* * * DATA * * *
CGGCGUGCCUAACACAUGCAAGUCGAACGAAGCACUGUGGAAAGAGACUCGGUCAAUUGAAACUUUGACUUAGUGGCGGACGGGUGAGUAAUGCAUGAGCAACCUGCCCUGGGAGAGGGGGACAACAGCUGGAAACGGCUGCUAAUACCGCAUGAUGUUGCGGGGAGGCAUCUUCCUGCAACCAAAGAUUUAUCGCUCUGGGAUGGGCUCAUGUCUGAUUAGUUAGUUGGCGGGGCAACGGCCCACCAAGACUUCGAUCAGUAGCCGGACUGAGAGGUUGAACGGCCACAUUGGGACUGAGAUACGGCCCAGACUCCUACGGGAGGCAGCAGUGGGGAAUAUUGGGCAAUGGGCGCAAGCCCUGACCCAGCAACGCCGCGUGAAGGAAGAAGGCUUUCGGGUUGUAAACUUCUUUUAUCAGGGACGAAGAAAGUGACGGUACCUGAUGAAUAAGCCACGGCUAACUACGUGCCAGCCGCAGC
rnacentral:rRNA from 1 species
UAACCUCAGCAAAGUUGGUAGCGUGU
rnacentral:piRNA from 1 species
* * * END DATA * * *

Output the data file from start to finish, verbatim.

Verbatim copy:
CGGCGUGCCUAACACAUGCAAGUCGAACGAAGCACUGUGGAAAGAGACUCGGUCAAUUGAAACUUUGACUUAGUGGCGGACGGGUGAGUAAUGCAUGAGCAACCUGCCCUGGGAGAGGGGGACAACAGCUGGAAACGGCUGCUAAUACCGCAUGAUGUUGCGGGGAGGCAUCUUCCUGCAACCAAAGAUUUAUCGCUCUGGGAUGGGCUCAUGUCUGAUUAGUUAGUUGGCGGGGCAACGGCCCACCAAGACUUCGAUCAGUAGCCGGACUGAGAGGUUGAACGGCCACAUUGGGACUGAGAUACGGCCCAGACUCCUACGGGAGGCAGCAGUGGGGAAUAUUGGGCAAUGGGCGCAAGCCCUGACCCAGCAACGCCGCGUGAAGGAAGAAGGCUUUCGGGUUGUAAACUUCUUUUAUCAGGGACGAAGAAAGUGACGGUACCUGAUGAAUAAGCCACGGCUAACUACGUGCCAGCCGCAGC
rnacentral:rRNA from 1 species
UAACCUCAGCAAAGUUGGUAGCGUGU
rnacentral:piRNA from 1 species